Note: I read this book in 2016, the year after it was published. Given current events, I decided to reread Chapter 1: Russia.
Russia is vast, writes Marshall.
It is the vastest. Immense. It is six-million-square-miles vast, eleven time zones vast; it is the largest country in the world...
To the west of the Ural Mountains is European Russia. To their east is Siberia, stretching all the way to the Bering Sea and the Pacific Ocean. Even in the twenty-first century, to cross it by train takes six days.
You might think no one is going to invade Russia but that isn’t how the Russians think, writes Marshall, beginning with Ivan the Terrible in 1533 on down to Vladimir Putin today. There is a lot of history to back that belief, including but not limited to the Mongols, Napoleon and both World Wars. When the USSR fell apart in 1989, it took only 15 years for all the former Warsaw Pact nations to join NATO and/or the EU, which made Russia all the more nervous. Geography is Russia’s biggest asset and its biggest liability, from the immense and immensely flat North European Plain providing easy access to enemy tanks, to mountain ranges in all the wrong places. If only the Urals ran from the Baltic to the Black Sea. The want of a warm water port, too, also drives much of their long term strategic thinking and has since Peter the Great.
Sevastopol is Russia’s only true major warm-water port. However, access out of the Black Sea into the Mediterranean is restricted by the Montreux Convention of 1936, which gave Turkey–now a NATO member–control of the Bosporus. Russian naval ships do transit the strait, but in limited numbers, and this would not be permitted in the event of conflict. Even after crossing the Bosporus the Russians need to navigate the Aegean Sea before accessing the Mediterranean, and would still have either to cross the Strait of Gibraltar to gain access to the Atlantic Ocean, or be allowed down the Suez Canal to reach the Indian Ocean.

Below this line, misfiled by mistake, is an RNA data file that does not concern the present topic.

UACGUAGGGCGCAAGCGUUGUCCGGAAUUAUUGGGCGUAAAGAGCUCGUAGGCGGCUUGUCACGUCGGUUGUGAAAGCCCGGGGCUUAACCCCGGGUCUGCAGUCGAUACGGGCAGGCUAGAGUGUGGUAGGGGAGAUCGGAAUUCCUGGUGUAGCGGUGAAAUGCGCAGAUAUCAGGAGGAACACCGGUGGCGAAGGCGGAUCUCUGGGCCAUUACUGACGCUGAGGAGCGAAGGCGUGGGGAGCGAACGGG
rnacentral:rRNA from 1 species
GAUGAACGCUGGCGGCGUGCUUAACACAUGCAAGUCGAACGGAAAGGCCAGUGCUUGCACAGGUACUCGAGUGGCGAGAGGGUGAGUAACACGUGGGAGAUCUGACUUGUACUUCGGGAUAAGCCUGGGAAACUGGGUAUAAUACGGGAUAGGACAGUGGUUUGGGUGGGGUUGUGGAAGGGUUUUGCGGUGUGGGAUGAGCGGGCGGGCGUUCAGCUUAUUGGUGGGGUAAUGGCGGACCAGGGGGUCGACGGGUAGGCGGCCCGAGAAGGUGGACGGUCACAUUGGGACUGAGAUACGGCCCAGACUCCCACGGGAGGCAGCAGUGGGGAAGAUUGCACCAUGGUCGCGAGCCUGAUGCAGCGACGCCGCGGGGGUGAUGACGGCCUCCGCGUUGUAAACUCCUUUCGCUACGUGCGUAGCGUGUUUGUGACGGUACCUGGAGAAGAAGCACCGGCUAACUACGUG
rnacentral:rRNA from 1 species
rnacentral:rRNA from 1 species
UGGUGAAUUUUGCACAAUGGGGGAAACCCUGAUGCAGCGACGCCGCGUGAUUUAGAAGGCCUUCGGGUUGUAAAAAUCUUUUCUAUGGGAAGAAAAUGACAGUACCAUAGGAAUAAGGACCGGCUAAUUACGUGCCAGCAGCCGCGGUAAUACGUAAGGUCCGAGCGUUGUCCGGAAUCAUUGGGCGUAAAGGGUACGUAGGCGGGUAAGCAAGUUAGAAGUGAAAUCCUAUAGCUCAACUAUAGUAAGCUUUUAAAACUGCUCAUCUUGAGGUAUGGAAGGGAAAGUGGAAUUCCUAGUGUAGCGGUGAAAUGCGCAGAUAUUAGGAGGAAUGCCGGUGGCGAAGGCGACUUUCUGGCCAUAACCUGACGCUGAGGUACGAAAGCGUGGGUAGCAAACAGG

Imagine if the US Navy had to navigate a labyrinth like that to access the Pacific Ocean.
Historically, every tsar from Ivan to Stalin has deliberately seeded their border regions with Russian citizens, which is why it was so easy for Putin to take Crimea and eastern Ukraine in 2014 and for the West to ignore his incursions.
Approximately 60 percent of Crimea’s population is “ethnically Russian,” so the Kremlin was pushing against an open door. Putin helped the anti-Kiev demonstrations and stirred up so much trouble that eventually he “had” to send his troops out of the confines of the naval base and onto the streets to protect people.
It is evidently also why he thought Ukrainians would welcome him with open arms in 2022.
I could keep typing excerpts but go find the book and read it for yourself. It explains how we got here, and, unfortunately, where we’re going if Putin isn’t stopped.
Moldova presents a different problem for all sides. An attack on the country by Russia would necessitate crossing through Ukraine…Although it might not trigger war with NATO (Moldova is not a member), it would provoke sanctions against Moscow at a level hitherto unseen [remember, this book was published seven years ago], and confirm what this writer believes to already be the case; that the cooling relationship between Russia and the West is already the New Cold War.
From the Grand Principality of Muscovy, through Peter the Great, Stalin, and now Putin, each Russian leader has been confronted by the same problems. It doesn’t matter if the ideology of those in control is czarist, Communist or crony capitalist–the ports still freeze, and the North European Plain is still flat.
Realpolitik through geography. Highly recommended.
Author and founder of Storyknife.org.